209 Wythe Avenue
Ms. Paper invited her young friends William and Wilhelmina on a little Williamsburg scavenger hunt. Both little darlings loved walking across the Williamsburg Bridge (“most excellent graffiti, Auntie Paper”), and they found these gems for youngsters.
Find Your Inner Child
Engage Judith Pushett and Kevin Irby to peer into your child’s soul — or just take a hauntingly beautiful picture. This Brooklyn-based team uses an 11x14-inch wooden camera from the turn of the century (the one before last) and limits themselves to available light. The results, like the photo you see, are stunning.
Pushett Irby Photography
Preteen Wilhelmina loves fake fur, particularly when used to create small woodland creatures such as those found at Sweet William. Hansa seems to be the dominant brand, and prices start at $26. Ms. Paper found Sweet William to be a treasure trove of baby gifts, with many unusual brands from around the globe not often in the US. Of note: cotton sweaters from Mormor (Denmark) and cuddle-able mushrooms from h.luv.
112 North Sixth St.
Open 11-7 M-F, noon-7 S&S
Dino on the Double
William, bored with shopping, became outright animated – make that insistent — when he stumbled upon this fabulous dresser stenciled with dinosaurs ($450). Ms. Paper did her best to distract him before heaving him into a fireman’s carry and exiting at a run. But perhaps he will find it under the tree this holiday season…
Moon River Chattel
62 Grand St. (at Wythe St.)
Ms. Paper is pleased to let you know about Paper&String’s first online contest. If you visit this link — http://apps.facebook.com/sweepstakeshq/contests/152533 — you can enter to win two tickets to Taste of Williamsburg. Here are some details:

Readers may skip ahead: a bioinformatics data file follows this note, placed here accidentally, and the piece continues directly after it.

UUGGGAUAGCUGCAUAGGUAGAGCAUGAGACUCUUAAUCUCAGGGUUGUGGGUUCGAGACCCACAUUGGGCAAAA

Head to the Williamsburg Waterfront for this Brooklyn foodie festival, where you and a guest will enjoy unlimited tastes from acclaimed food purveyors like Caracas Arepa Bar, Dressler, Dumont, and Van Leeuwen Artisan Ice Cream. Sip on wine, beer, and cocktails from Maison Premiere, the Natural Wine Company, and Brooklyn Brewery. This unlimited access ticket is a $180 value! Sept 17-18. Rules are on the link.
No doubt you have often wondered what happens in your hood while you are still under the spell of your lavender-scented eyeshades. Ms Paper, up with the sun in the early Williamsburg AM, is here to help.
Better Living through Chemistry
Coffee first, of course. On Mr. String’s advice, Ms. Paper headed to Blue Bottle Coffee, a mini-theme park of coffee. The Yrgacheffe perked Ms. Paper right up, as did the dramatic brewing and steaming taking place behind the counter. Blue Bottle coffee is delicious, but it looks pretty much like other coffee so Ms. Paper is sparing you the pic of the cup in favor of this cool coffee distillery system. It reminds her fondly of 11th-grade chemistry class.
Blue Bottle Coffee
160 Berry St. (btwn. N 4th & N 5th Sts.)
Bet the Farm
Who can resist a restaurant with a website called pigandegg.com? Not Ms. Paper, who fondly remembers providing child labor on her grandparents’ mini-farm. True to its name, Egg offers a wide variety of egg dishes: For you southerners, Anson mills grits (cheese optional) and eggs any style ($9). For art lovers, Eggs Rothko, an egg-in-brioche concoction ($9.50). Ms. Paper opted for the homemade sorghum granola, which arrived with lots of dried cherries ($7.50), and consumed it at a very pretty table like the one pictured here. Opens 7am Mon-Fri, 9am, Sat/Sun.
135 North 5th St.
Breakfast is Ms. Paper’s favorite meal, so what could be better than two of them? On to Ella, where Ms. Paper eyed the fry-ups: “breakfast skillets” with rosemary potatoes, eggs, onions, mushrooms, onions, cheese, and peppers (add your choice of bacon or kielbasa, $7.95 to $9.95). Egg wraps are a bargain at $2.50 to $3.00, and the egg sandwich with lox, scallions, cream cheese and tomato ($5.95) screams New York, doesn’t it? Sadly, Ms. Paper’s office was screaming, too, so off she trotted to the dreaded L with only a yummy fresh-squeezed juice for Breakfast #2. Opens 8am Mon-Fri, 9am Sat, 10am, Sun.illi
177 Bedford Ave. (btwn. 7th & 8th Sts.)
Ms. Paper & Mr. String reside on http://paperandstring.com/.
Pushy lot. I have to post before I can look around?